In-House Counsel, Tax Law

House Rules: The Deepest Cut…

Well, Bausch and Lomb is finally being sold. Oh, there will be some time between now and the closing, but yesterday’s announcement of 800 million dollars in cost cutting would make any in-house attorney nervous.

The cuts are to come largely from the front office and management, all places where lawyers are part of the organization. I know several good people who face a period of real uncertainty as Valeant performs assessment after assessment of where cuts can be made, and then begins to swing the axe.

My town of Rochester has seen more than its fair share of decline in the last decade. Eastman Kodak is a shell of its former self, and now B&L is going to be owned by a Canadian concern; at least, if true to Canadian tradition, they’ll be “nice” about the cuts, right?

This once great center of technology and innovation seems to be falling prey to the bane of New York’s outrageous taxes — corporate, income and property. This state boasts one of the highest property tax rates in the country, some of the worst corporate taxes anywhere, income taxes that plain old suck, and my town has the lowest graduation rate for black youth in the entire country. Yes, worse than Mississippi or Alabama. We have a Deep South mentality toward race relations, and a seeming blind eye towards enticing business to move here. So, I pay more property tax than folks in Malibu, and we can’t graduate kids from a school system with a two billion (with a b) dollar budget, and we need desperately for business to come in and stanch the flow of dollars out of our economy…

It is becoming more true with each change to the former “big five” businesses in town, that if you want (or need) to change jobs, there is nowhere to go. See, that’s the thing, this is a wonderful place to raise a family. I bought a nice four bedroom colonial in a good school district (which my kids don’t attend, but that’s a fight I won’t win against a cradle Catholic wife) and it cost around 190k. My commute to work is literally under 15 minutes door to door, and there are over 70 public golf courses within three counties. We boast triple-A baseball, basketball, lacrosse, men’s and women’s soccer, and a professional hockey and football team within an hour’s drive. Yet, there remains the issue of those taxes. Oh, and don’t start on it’s a Bush thing or an Obama thing, this problem starts and ends with some very crooked and entrenched pols in Albany.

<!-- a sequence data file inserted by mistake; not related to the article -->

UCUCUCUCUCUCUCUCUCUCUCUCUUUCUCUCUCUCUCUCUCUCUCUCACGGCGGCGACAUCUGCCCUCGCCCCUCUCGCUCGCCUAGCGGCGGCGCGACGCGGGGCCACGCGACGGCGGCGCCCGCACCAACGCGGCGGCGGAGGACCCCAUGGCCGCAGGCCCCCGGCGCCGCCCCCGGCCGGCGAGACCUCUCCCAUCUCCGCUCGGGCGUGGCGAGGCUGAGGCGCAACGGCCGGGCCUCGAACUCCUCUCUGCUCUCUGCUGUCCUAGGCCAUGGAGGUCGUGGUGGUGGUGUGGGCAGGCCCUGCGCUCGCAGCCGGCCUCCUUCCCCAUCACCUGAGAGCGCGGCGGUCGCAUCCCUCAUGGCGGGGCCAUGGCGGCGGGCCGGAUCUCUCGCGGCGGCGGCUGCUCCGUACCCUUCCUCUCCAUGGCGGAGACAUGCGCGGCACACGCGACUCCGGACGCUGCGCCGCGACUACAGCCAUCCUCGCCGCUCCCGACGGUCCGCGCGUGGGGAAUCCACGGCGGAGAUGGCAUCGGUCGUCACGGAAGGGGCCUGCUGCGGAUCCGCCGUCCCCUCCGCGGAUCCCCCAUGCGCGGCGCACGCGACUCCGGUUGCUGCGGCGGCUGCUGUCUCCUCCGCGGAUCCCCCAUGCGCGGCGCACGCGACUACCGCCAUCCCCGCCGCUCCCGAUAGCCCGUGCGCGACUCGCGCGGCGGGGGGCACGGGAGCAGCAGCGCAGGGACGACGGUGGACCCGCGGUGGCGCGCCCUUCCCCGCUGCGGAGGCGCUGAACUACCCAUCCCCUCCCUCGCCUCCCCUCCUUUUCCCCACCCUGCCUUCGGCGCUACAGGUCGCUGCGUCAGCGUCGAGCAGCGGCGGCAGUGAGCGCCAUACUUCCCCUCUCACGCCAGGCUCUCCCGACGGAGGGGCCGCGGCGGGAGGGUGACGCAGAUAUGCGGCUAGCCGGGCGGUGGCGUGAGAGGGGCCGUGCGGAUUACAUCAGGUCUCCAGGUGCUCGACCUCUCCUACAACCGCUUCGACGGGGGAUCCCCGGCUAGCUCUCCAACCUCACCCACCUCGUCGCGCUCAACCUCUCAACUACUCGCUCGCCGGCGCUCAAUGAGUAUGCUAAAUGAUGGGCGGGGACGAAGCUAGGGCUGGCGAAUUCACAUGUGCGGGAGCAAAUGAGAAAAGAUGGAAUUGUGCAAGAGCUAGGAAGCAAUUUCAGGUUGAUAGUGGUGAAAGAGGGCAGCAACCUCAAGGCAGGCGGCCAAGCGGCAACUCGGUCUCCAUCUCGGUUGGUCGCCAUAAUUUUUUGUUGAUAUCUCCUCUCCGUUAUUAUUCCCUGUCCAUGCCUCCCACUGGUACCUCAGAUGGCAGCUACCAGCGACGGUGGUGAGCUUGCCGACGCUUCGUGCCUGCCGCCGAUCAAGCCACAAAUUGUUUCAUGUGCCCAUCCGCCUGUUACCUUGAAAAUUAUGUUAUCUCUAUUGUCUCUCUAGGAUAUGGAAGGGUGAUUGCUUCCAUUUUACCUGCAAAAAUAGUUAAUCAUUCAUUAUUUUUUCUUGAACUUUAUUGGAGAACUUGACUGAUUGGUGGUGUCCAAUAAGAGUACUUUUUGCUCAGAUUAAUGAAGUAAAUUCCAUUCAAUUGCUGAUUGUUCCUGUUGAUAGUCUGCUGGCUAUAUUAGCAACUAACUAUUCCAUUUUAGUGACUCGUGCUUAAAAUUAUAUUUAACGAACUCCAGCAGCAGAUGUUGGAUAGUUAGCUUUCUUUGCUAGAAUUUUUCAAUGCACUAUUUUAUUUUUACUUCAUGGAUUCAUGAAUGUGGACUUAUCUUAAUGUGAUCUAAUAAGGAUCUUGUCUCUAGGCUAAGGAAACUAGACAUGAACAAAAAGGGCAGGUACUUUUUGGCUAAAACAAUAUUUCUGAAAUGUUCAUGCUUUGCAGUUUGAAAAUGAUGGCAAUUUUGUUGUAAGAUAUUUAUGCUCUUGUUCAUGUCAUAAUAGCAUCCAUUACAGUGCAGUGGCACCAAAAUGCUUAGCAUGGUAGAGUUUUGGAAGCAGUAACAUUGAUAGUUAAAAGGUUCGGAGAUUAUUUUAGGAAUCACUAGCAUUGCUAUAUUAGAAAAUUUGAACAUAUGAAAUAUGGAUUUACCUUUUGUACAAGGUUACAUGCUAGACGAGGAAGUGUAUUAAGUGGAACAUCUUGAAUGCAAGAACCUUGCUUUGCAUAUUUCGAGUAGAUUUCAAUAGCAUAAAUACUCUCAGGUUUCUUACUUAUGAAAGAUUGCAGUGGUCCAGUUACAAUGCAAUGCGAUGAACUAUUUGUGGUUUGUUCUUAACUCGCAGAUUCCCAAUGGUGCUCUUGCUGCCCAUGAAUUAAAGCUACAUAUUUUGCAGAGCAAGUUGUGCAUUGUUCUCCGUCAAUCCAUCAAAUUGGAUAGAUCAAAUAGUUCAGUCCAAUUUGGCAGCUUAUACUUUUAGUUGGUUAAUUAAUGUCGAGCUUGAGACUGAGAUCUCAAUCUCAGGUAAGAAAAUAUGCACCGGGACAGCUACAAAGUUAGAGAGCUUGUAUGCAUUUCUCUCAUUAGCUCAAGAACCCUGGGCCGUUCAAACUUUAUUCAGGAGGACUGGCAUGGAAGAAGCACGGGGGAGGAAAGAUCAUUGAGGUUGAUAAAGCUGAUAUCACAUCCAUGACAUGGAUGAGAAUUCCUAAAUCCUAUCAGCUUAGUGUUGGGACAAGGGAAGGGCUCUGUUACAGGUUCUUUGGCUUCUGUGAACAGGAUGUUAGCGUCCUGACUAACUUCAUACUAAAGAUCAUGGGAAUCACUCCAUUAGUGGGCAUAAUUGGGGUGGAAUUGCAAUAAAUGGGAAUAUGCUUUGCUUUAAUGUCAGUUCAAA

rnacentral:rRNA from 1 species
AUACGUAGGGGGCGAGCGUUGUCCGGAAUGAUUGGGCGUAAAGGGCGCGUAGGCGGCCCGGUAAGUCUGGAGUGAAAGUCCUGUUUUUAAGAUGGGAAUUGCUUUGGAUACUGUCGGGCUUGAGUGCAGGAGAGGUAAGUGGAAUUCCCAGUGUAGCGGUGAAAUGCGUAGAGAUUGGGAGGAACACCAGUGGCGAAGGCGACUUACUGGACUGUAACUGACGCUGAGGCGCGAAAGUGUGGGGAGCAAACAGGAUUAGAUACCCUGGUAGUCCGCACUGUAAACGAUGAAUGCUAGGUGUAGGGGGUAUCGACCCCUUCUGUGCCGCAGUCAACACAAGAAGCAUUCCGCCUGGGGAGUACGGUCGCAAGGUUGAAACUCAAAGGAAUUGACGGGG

No one is surprised that B&L was sold, that was the plan ever since the equity fund bought B&L some years ago. What has come to pass though is the fact that cuts are coming, and in a town that is already down for too many reasons to count, the timing just could not be worse. So, what’s an attorney to do? Pack it in and move to a growing, or more stable, region such as the Research Triangle? Go back to a firm (shudder)?

If you have the motivation for either of those strategies, I say go for it and don’t look back. But, if your roots are here, and you have a true sense of community in this town, look for solutions rather than drowning sorrow. I know this post is Rochester-centric, but I also know that there are many communities experiencing some sort of the same pain.

I also look to my hometown of Oklahoma City, a town that is booming. Houses are being built, jobs are being created, and the future looks fairly bright, save for those damned tornadoes. As a member of a community such as this, we have a duty to try and correct issues that have taken us off the path to prosperity, so our kids don’t have to live in a region where studio apartments go for the high six figures, or more.

We have an abundance of resources, both mental and structural. But, like fracking that taps into rich veins of natural gas, we must proceed with caution, but we must, at all costs, proceed. My best wishes for those at B&L, and my prayers for my town.

(hidden for your protection)

comments sponsored by

Show all comments